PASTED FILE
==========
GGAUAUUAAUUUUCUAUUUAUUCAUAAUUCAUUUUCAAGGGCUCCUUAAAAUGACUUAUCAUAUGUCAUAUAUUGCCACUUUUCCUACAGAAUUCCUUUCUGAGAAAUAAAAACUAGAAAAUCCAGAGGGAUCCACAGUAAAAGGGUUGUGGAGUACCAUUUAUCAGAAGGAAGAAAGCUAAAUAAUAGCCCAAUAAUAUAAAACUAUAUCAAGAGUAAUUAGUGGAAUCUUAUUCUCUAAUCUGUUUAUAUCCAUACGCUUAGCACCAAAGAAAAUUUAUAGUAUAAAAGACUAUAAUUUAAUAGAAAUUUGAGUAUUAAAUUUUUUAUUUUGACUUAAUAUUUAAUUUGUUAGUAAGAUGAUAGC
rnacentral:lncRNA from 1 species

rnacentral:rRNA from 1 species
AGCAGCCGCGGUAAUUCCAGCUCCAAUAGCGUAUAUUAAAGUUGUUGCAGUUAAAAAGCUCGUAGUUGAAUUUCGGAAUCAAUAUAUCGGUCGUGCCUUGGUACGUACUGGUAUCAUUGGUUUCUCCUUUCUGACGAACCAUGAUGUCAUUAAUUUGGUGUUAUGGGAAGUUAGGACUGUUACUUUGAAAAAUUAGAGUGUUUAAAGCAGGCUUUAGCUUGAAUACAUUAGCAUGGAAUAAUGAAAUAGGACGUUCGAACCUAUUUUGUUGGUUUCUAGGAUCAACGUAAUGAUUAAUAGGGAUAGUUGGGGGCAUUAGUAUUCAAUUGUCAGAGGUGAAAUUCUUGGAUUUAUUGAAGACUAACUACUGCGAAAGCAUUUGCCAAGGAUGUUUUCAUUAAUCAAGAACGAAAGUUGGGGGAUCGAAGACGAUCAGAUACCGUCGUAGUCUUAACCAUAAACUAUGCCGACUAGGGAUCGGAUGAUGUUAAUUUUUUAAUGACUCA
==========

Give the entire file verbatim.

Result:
GGAUAUUAAUUUUCUAUUUAUUCAUAAUUCAUUUUCAAGGGCUCCUUAAAAUGACUUAUCAUAUGUCAUAUAUUGCCACUUUUCCUACAGAAUUCCUUUCUGAGAAAUAAAAACUAGAAAAUCCAGAGGGAUCCACAGUAAAAGGGUUGUGGAGUACCAUUUAUCAGAAGGAAGAAAGCUAAAUAAUAGCCCAAUAAUAUAAAACUAUAUCAAGAGUAAUUAGUGGAAUCUUAUUCUCUAAUCUGUUUAUAUCCAUACGCUUAGCACCAAAGAAAAUUUAUAGUAUAAAAGACUAUAAUUUAAUAGAAAUUUGAGUAUUAAAUUUUUUAUUUUGACUUAAUAUUUAAUUUGUUAGUAAGAUGAUAGC
rnacentral:lncRNA from 1 species

rnacentral:rRNA from 1 species
AGCAGCCGCGGUAAUUCCAGCUCCAAUAGCGUAUAUUAAAGUUGUUGCAGUUAAAAAGCUCGUAGUUGAAUUUCGGAAUCAAUAUAUCGGUCGUGCCUUGGUACGUACUGGUAUCAUUGGUUUCUCCUUUCUGACGAACCAUGAUGUCAUUAAUUUGGUGUUAUGGGAAGUUAGGACUGUUACUUUGAAAAAUUAGAGUGUUUAAAGCAGGCUUUAGCUUGAAUACAUUAGCAUGGAAUAAUGAAAUAGGACGUUCGAACCUAUUUUGUUGGUUUCUAGGAUCAACGUAAUGAUUAAUAGGGAUAGUUGGGGGCAUUAGUAUUCAAUUGUCAGAGGUGAAAUUCUUGGAUUUAUUGAAGACUAACUACUGCGAAAGCAUUUGCCAAGGAUGUUUUCAUUAAUCAAGAACGAAAGUUGGGGGAUCGAAGACGAUCAGAUACCGUCGUAGUCUUAACCAUAAACUAUGCCGACUAGGGAUCGGAUGAUGUUAAUUUUUUAAUGACUCA